Lead of Testing Services at the NDC retires

Professor Richard Neilson made a presentation to Dr Stewart Chalmers with thanks given to Stewart for his work on various projects.


Stewart has worked as an Engineer for the NDC (formerly Oceanlab Business Unit) since 1st September 2008, mostly based at Newburgh.   In recent years Stewart has worked 50% in Old Aberdeen within SBS as part of Prof. Paul Hallett’s research group as XRay CT Manager.

Stewart was also part of the Oceanlab team for the DELOS project that provided environmental monitoring for BP offshore Angola where his experience in underwater acoustics was of particular value.

Following graduation with a BSc (Eng.) Hons in Electronic Engineering Stewart began his career as an Electronics Design Engineer for an American multi-national corporation and whilst there studied for an MSc in Digital Techniques.  This was followed by a year designing electronic systems for NMRA scanners.  He then spent 16 years as a Lecturer at Robert Gordon University School of Electronic Engineering specialising in digital systems design and signal processing.  Whilst there Stewart became a Chartered Engineer and undertook research leading to a PhD with a thesis entitled ‘Study of Design Methodologies for Fault Tolerant State Machine Controllers’.  Following this he worked for a start-up, designing VLSI Neural Network chips, then for several years designing subsea electronic systems before joining the University of Aberdeen.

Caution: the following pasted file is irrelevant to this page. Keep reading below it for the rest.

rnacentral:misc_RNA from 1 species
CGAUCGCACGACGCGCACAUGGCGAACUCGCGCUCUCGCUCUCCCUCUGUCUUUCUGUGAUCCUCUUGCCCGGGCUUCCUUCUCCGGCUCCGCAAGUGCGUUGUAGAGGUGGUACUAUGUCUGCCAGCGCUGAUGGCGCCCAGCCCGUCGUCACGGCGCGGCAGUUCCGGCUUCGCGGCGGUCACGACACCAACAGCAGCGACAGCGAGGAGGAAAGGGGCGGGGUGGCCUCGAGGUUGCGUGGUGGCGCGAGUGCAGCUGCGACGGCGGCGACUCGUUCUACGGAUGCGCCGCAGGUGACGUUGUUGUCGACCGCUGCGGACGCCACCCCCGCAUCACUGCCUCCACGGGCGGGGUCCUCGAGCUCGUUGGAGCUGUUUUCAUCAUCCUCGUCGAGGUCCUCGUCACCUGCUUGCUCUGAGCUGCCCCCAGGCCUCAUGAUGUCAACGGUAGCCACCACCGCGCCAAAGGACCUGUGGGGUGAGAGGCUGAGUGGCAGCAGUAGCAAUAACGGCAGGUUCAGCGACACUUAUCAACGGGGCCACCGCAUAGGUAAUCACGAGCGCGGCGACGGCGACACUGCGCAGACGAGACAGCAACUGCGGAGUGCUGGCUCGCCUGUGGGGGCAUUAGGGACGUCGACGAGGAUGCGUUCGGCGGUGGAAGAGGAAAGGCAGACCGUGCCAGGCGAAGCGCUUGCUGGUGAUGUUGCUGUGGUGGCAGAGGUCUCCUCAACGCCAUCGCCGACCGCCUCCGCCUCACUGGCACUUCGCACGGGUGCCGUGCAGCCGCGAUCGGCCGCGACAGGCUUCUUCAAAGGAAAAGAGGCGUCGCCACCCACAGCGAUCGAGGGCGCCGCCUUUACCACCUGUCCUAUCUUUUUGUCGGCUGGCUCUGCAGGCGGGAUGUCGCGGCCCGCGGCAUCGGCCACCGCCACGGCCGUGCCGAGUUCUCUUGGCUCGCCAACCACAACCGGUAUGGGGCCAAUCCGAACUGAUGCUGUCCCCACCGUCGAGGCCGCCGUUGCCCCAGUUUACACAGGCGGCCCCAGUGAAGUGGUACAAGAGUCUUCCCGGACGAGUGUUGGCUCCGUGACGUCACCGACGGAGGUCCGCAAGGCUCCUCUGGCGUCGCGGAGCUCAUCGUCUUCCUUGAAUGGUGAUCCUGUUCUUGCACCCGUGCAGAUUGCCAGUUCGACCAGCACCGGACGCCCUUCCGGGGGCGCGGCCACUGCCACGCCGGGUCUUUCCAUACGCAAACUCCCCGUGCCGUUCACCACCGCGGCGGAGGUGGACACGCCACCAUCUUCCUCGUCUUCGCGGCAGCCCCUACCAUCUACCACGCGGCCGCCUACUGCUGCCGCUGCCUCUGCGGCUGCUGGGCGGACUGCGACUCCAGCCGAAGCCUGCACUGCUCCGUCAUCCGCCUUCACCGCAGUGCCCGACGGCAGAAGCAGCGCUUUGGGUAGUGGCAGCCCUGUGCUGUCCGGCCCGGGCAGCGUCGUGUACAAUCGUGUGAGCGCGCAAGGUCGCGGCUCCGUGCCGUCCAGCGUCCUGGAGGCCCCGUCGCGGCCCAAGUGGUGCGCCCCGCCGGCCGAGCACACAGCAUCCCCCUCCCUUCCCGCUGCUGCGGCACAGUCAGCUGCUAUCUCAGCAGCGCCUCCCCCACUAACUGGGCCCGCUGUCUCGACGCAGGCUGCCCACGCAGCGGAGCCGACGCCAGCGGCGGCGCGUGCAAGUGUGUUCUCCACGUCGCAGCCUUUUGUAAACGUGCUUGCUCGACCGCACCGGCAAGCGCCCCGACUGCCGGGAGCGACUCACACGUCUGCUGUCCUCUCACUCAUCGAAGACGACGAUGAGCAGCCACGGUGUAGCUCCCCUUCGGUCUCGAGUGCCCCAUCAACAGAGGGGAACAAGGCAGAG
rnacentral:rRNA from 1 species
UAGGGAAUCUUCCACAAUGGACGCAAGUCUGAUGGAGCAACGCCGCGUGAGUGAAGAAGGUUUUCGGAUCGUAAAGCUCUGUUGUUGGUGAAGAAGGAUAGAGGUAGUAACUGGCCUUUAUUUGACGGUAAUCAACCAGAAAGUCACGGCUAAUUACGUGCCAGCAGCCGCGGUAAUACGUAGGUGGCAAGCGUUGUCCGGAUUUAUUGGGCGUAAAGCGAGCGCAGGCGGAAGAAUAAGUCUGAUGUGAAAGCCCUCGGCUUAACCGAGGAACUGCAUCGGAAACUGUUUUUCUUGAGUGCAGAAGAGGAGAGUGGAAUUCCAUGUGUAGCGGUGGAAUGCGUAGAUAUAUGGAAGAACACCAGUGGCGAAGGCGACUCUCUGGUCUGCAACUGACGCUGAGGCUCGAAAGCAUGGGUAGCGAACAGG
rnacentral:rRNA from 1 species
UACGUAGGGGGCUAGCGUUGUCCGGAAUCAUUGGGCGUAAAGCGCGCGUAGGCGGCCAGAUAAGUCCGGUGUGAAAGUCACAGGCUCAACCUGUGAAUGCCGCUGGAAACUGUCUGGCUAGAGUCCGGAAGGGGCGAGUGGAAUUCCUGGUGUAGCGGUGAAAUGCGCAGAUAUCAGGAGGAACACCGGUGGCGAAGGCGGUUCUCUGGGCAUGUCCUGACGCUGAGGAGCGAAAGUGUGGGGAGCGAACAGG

Although not directly employed in a research position he had research interests in several areas including fault tolerant and reliable systems design, developing this into a practical interest in the software engineering of embedded systems. Over the years he implemented many systems and gradually devised a design methodology based on finite state machines, which addressed the design at a high level of abstraction and allowed verification of the control  part of the algorithm prior to coding.

Stewart also had an interest in interconnected sensors via standards such as IEEE1451 and the Open Geospatial Consortium (OGC) Sensor Web Enablement (SWE) initiative, which at an early stage of development required a great deal of practical implementation and testing in order to become truly useful standards for the sharing of data via the ethernet.  Stewart addressed this possibility with regard to all sensor systems which were developed onsite.

Notes for Editors

PublishedThursday March 9th, 2023